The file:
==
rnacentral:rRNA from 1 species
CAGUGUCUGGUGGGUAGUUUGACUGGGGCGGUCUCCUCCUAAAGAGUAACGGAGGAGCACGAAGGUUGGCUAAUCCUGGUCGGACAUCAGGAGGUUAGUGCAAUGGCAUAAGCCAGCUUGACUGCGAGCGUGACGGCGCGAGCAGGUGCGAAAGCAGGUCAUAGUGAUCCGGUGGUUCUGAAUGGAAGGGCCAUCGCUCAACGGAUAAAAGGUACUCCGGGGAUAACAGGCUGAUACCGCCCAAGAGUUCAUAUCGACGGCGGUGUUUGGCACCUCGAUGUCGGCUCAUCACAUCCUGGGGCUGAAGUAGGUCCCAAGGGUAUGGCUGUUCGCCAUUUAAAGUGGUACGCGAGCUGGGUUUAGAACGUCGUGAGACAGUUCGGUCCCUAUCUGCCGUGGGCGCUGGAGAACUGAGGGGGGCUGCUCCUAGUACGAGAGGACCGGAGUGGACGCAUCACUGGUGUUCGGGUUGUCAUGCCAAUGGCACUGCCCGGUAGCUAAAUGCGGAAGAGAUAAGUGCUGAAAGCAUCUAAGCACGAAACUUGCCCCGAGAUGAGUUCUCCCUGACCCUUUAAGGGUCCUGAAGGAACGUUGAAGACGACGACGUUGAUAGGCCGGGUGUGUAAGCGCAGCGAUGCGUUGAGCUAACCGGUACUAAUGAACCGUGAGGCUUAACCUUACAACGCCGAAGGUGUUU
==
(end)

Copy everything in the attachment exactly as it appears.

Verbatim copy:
rnacentral:rRNA from 1 species
CAGUGUCUGGUGGGUAGUUUGACUGGGGCGGUCUCCUCCUAAAGAGUAACGGAGGAGCACGAAGGUUGGCUAAUCCUGGUCGGACAUCAGGAGGUUAGUGCAAUGGCAUAAGCCAGCUUGACUGCGAGCGUGACGGCGCGAGCAGGUGCGAAAGCAGGUCAUAGUGAUCCGGUGGUUCUGAAUGGAAGGGCCAUCGCUCAACGGAUAAAAGGUACUCCGGGGAUAACAGGCUGAUACCGCCCAAGAGUUCAUAUCGACGGCGGUGUUUGGCACCUCGAUGUCGGCUCAUCACAUCCUGGGGCUGAAGUAGGUCCCAAGGGUAUGGCUGUUCGCCAUUUAAAGUGGUACGCGAGCUGGGUUUAGAACGUCGUGAGACAGUUCGGUCCCUAUCUGCCGUGGGCGCUGGAGAACUGAGGGGGGCUGCUCCUAGUACGAGAGGACCGGAGUGGACGCAUCACUGGUGUUCGGGUUGUCAUGCCAAUGGCACUGCCCGGUAGCUAAAUGCGGAAGAGAUAAGUGCUGAAAGCAUCUAAGCACGAAACUUGCCCCGAGAUGAGUUCUCCCUGACCCUUUAAGGGUCCUGAAGGAACGUUGAAGACGACGACGUUGAUAGGCCGGGUGUGUAAGCGCAGCGAUGCGUUGAGCUAACCGGUACUAAUGAACCGUGAGGCUUAACCUUACAACGCCGAAGGUGUUU